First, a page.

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Women and Equal Rights


Suffragists Suffragists picketing the White House, 1917
Photograph courtesy of the Library of Congress
Women's status during America's grand experiment as the world's first democracy has undergone dramatic changes over the generations. The religious doctrine, written laws, and social customs that colonists brought with them from Europe asserted women's subordinate position. Women were to marry, tend the house, and raise a family. Education beyond basic reading and writing was unusual. When a woman took a husband she lost what limited freedom she might have had as a single adult. Those few married women who worked for pay could not control their own earnings. Most could neither buy nor sell property or sign contracts; none could vote, sue when wronged, defend themselves in court, or serve on juries. In the rare case of divorce, women lost custody of their children and any family possessions.

During the Revolutionary War, women contributed in virtually every capacity, from doing fieldwork at home to fighting on battlefields. But their pleas for rights under the new democracy were disregarded. Women actually lost legal ground as a result of the new United States Constitution.

Sixty years later, in July 1848, a small group of women set about to change their second-class status. They launched a peaceful revolution that has since encircled the globe-the Women's Rights Movement. At the convention they held in Seneca Falls, New York, 68 women and 32 men signed a Declaration of Sentiments and Resolutions. It described 18 areas of life where women's rights were denied and demanded an end to women's inferior status.

Opposition arose immediately, but these new pioneers had proposed a magnificent new America. Reformers began speaking passionately for women's equality in small-town forums and city halls. Annual women's rights conventions drew tremendous crowds. In time, no aspect of public life would remain untouched by this second, women's revolution.

Educational opportunities improved slowly as secondary schools, then colleges, were established for women. With the advent of coeducational schools, policies still limited women's admissions, financial assistance, course or program choices, and participation in activities. In the paid workforce the situation was comparable. In the few occupations that were open to women, they were paid far less than men. Leadership in the major religions was not deemed to be women's province. Professions other than writing, school teaching, and nursing remained essentially closed to women as the 20th century opened.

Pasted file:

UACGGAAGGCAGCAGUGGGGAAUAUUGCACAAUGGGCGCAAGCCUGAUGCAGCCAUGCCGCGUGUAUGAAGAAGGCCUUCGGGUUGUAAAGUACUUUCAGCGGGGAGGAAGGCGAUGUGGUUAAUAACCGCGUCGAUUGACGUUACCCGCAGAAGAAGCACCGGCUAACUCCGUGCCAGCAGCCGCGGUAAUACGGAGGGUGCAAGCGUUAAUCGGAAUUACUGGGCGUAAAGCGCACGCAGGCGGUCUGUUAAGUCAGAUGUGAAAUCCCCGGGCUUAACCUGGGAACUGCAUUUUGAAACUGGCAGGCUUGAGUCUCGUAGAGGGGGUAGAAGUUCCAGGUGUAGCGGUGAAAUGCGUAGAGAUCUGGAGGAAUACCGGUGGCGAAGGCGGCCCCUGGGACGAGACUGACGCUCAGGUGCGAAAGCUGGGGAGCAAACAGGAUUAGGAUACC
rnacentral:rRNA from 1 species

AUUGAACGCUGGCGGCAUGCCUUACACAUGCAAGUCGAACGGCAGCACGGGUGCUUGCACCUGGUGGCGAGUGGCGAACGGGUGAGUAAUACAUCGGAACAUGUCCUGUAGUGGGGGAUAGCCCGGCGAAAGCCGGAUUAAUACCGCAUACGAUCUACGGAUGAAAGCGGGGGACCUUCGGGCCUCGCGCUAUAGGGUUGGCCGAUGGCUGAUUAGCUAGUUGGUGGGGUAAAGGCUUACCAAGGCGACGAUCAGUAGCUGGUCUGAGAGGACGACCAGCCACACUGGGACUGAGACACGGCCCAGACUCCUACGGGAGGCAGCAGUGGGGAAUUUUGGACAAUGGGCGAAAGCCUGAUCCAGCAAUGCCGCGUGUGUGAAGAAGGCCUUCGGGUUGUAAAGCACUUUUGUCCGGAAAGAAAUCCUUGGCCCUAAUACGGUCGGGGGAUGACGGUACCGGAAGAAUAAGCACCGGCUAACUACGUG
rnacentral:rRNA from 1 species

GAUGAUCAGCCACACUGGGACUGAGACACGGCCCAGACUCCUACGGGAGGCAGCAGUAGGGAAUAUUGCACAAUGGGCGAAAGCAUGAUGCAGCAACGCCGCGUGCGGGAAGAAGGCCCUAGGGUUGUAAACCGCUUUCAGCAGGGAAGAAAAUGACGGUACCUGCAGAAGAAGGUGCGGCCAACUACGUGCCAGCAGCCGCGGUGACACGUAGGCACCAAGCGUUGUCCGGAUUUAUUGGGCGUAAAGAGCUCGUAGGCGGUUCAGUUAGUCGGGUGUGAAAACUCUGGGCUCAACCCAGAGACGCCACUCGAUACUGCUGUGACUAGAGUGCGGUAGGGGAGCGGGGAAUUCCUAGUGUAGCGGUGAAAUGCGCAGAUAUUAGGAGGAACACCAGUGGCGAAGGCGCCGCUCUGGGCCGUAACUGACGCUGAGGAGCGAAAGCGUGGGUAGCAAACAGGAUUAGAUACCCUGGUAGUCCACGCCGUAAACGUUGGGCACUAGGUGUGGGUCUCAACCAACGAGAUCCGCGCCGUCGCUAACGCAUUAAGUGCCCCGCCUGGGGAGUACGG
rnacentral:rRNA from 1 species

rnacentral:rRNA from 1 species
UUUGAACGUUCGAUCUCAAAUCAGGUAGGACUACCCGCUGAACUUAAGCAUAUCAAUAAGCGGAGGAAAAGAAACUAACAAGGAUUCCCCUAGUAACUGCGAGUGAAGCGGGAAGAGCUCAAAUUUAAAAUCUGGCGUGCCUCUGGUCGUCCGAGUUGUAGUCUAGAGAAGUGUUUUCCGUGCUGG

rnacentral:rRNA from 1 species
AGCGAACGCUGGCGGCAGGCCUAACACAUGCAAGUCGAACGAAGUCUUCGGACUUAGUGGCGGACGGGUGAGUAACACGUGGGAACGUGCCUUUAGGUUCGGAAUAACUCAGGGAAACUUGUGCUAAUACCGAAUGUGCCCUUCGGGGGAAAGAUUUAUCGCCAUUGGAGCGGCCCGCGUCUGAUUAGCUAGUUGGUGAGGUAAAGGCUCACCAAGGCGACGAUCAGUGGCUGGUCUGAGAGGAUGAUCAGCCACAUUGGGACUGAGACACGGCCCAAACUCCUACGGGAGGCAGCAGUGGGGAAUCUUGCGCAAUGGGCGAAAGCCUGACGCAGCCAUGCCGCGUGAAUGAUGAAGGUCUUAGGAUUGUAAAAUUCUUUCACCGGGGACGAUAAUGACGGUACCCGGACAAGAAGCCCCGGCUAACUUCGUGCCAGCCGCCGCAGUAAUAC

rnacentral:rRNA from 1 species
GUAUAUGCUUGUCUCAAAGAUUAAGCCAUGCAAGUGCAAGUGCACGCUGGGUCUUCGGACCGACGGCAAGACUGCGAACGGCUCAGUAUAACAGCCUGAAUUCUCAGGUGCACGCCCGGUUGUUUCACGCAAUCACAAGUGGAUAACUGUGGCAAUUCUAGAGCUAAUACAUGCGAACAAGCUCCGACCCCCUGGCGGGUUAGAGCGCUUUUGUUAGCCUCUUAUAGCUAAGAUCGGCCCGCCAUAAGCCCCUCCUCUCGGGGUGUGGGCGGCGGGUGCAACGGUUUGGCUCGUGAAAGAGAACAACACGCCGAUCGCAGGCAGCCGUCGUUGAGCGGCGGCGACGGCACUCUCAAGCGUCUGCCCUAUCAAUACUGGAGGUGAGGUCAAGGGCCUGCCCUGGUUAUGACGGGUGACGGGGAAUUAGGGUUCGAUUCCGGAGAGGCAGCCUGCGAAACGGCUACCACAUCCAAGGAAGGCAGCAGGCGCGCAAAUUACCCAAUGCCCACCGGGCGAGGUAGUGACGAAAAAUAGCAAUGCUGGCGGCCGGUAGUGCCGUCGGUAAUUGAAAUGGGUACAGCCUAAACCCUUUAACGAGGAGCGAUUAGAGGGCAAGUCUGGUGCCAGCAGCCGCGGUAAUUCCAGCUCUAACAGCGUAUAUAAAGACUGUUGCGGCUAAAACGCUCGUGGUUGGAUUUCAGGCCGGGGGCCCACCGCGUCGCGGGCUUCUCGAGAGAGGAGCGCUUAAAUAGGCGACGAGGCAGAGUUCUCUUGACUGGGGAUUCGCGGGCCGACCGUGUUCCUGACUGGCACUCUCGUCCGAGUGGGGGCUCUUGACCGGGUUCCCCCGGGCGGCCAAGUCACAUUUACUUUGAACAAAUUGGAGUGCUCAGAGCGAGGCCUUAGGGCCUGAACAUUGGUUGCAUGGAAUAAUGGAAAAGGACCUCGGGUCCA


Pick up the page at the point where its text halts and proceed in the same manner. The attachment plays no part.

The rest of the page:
By 1869, securing the right to vote became the primary focus of the Women's Rights Movement. For the next two generations, activists carried out a ceaseless campaign using every strategy imaginable, from leaflets and massive petition drives to street-corner speeches, legislative lobbying, and enormous street parades. Finally, on August 26, 1920, the Nineteenth Amendment to the U.S. Constitution was ratified. With it, 17 million women won for themselves that most basic promise of democracy: the right to vote.

Once the vote was achieved, many activists withdrew to pursue private interests. With the exceptions of nontraditional work opportunities during the two World Wars, women's position improved little over the next four decades.

The civil rights movements of the 1960s inspired a second wave of fervent activism confronting the inequities women faced in virtually all areas of American life. In communities everywhere, women worked on grassroots projects like battered women's shelters and rape crisis hotlines, child care centers and health clinics. Commissions on the Status of Women investigated and reported on women's needs. State and federal laws were passed outlawing discrimination in employment and education, and women responded to their new opportunities with enthusiasm.

Today, America is living the legacy of the great progress women have made in all the areas addressed at the Seneca Falls Convention, while their earnest quest for full and true equality continues.

Mary Ruthsdotter
Projects Director, National Women's History Project

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Last Modified: Monday, 30-Mar-98 15:42:58EST